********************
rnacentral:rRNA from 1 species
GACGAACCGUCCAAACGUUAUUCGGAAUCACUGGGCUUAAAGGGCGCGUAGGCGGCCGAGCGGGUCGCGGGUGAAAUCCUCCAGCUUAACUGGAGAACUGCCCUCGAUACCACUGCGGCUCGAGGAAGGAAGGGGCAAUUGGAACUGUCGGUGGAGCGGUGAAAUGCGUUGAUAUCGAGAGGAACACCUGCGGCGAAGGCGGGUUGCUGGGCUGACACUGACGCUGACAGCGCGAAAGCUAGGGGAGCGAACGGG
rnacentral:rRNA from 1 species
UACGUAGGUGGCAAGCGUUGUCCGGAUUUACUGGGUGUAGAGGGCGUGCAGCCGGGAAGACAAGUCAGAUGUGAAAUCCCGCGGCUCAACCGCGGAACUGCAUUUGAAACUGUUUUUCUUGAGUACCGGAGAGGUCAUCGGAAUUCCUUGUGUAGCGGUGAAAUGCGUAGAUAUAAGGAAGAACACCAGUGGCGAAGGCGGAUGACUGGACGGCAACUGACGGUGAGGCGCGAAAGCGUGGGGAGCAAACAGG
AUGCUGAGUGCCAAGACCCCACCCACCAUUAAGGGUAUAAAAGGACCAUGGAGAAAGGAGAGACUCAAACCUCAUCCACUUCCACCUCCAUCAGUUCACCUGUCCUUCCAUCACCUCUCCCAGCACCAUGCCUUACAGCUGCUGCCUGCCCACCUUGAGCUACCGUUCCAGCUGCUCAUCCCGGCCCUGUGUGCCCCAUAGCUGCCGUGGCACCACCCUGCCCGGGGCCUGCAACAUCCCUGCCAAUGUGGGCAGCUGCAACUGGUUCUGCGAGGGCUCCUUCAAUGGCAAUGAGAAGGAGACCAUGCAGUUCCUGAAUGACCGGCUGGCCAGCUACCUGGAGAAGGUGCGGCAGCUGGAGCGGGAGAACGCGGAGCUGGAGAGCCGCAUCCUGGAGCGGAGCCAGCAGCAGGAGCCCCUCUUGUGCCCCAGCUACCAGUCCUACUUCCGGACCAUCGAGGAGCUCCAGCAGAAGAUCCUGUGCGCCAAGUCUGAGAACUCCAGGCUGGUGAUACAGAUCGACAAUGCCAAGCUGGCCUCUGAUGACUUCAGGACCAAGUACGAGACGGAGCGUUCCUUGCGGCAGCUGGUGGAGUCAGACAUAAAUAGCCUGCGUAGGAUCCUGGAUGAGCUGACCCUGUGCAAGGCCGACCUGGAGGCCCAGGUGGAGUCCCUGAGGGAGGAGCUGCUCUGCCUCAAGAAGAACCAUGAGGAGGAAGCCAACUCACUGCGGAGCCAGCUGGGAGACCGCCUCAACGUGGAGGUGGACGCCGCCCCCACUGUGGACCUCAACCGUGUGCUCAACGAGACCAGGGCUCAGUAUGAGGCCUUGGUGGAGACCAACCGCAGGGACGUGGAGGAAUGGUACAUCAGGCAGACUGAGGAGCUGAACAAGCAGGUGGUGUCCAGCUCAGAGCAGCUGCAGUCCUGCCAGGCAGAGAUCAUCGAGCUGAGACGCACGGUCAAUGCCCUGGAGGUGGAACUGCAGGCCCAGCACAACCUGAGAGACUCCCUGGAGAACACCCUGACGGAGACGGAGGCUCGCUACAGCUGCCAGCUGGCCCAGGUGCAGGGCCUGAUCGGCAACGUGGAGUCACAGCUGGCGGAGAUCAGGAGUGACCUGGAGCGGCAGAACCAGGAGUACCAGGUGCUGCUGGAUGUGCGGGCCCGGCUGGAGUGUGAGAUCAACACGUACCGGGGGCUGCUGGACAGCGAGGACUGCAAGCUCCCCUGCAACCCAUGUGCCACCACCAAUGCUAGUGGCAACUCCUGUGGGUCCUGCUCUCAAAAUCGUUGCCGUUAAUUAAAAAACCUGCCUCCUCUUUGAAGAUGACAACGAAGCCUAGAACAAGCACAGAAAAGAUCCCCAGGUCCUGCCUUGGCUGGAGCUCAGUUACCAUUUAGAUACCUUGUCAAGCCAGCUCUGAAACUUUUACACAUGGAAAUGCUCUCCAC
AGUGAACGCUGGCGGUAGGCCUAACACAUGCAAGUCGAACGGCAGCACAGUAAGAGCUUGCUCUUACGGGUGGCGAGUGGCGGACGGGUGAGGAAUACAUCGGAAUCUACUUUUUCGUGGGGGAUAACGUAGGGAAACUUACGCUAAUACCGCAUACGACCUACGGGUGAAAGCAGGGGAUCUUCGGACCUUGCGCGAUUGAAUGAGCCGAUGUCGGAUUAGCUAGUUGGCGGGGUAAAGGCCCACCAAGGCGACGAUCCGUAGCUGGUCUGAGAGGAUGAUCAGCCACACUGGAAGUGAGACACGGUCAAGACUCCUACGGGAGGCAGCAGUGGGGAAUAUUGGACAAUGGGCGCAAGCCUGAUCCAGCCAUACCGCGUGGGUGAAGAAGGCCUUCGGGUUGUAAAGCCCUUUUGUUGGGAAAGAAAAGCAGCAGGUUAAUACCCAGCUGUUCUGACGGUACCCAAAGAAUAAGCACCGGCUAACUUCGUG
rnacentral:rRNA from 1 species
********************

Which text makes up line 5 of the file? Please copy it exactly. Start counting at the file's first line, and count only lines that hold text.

AUGCUGAGUGCCAAGACCCCACCCACCAUUAAGGGUAUAAAAGGACCAUGGAGAAAGGAGAGACUCAAACCUCAUCCACUUCCACCUCCAUCAGUUCACCUGUCCUUCCAUCACCUCUCCCAGCACCAUGCCUUACAGCUGCUGCCUGCCCACCUUGAGCUACCGUUCCAGCUGCUCAUCCCGGCCCUGUGUGCCCCAUAGCUGCCGUGGCACCACCCUGCCCGGGGCCUGCAACAUCCCUGCCAAUGUGGGCAGCUGCAACUGGUUCUGCGAGGGCUCCUUCAAUGGCAAUGAGAAGGAGACCAUGCAGUUCCUGAAUGACCGGCUGGCCAGCUACCUGGAGAAGGUGCGGCAGCUGGAGCGGGAGAACGCGGAGCUGGAGAGCCGCAUCCUGGAGCGGAGCCAGCAGCAGGAGCCCCUCUUGUGCCCCAGCUACCAGUCCUACUUCCGGACCAUCGAGGAGCUCCAGCAGAAGAUCCUGUGCGCCAAGUCUGAGAACUCCAGGCUGGUGAUACAGAUCGACAAUGCCAAGCUGGCCUCUGAUGACUUCAGGACCAAGUACGAGACGGAGCGUUCCUUGCGGCAGCUGGUGGAGUCAGACAUAAAUAGCCUGCGUAGGAUCCUGGAUGAGCUGACCCUGUGCAAGGCCGACCUGGAGGCCCAGGUGGAGUCCCUGAGGGAGGAGCUGCUCUGCCUCAAGAAGAACCAUGAGGAGGAAGCCAACUCACUGCGGAGCCAGCUGGGAGACCGCCUCAACGUGGAGGUGGACGCCGCCCCCACUGUGGACCUCAACCGUGUGCUCAACGAGACCAGGGCUCAGUAUGAGGCCUUGGUGGAGACCAACCGCAGGGACGUGGAGGAAUGGUACAUCAGGCAGACUGAGGAGCUGAACAAGCAGGUGGUGUCCAGCUCAGAGCAGCUGCAGUCCUGCCAGGCAGAGAUCAUCGAGCUGAGACGCACGGUCAAUGCCCUGGAGGUGGAACUGCAGGCCCAGCACAACCUGAGAGACUCCCUGGAGAACACCCUGACGGAGACGGAGGCUCGCUACAGCUGCCAGCUGGCCCAGGUGCAGGGCCUGAUCGGCAACGUGGAGUCACAGCUGGCGGAGAUCAGGAGUGACCUGGAGCGGCAGAACCAGGAGUACCAGGUGCUGCUGGAUGUGCGGGCCCGGCUGGAGUGUGAGAUCAACACGUACCGGGGGCUGCUGGACAGCGAGGACUGCAAGCUCCCCUGCAACCCAUGUGCCACCACCAAUGCUAGUGGCAACUCCUGUGGGUCCUGCUCUCAAAAUCGUUGCCGUUAAUUAAAAAACCUGCCUCCUCUUUGAAGAUGACAACGAAGCCUAGAACAAGCACAGAAAAGAUCCCCAGGUCCUGCCUUGGCUGGAGCUCAGUUACCAUUUAGAUACCUUGUCAAGCCAGCUCUGAAACUUUUACACAUGGAAAUGCUCUCCAC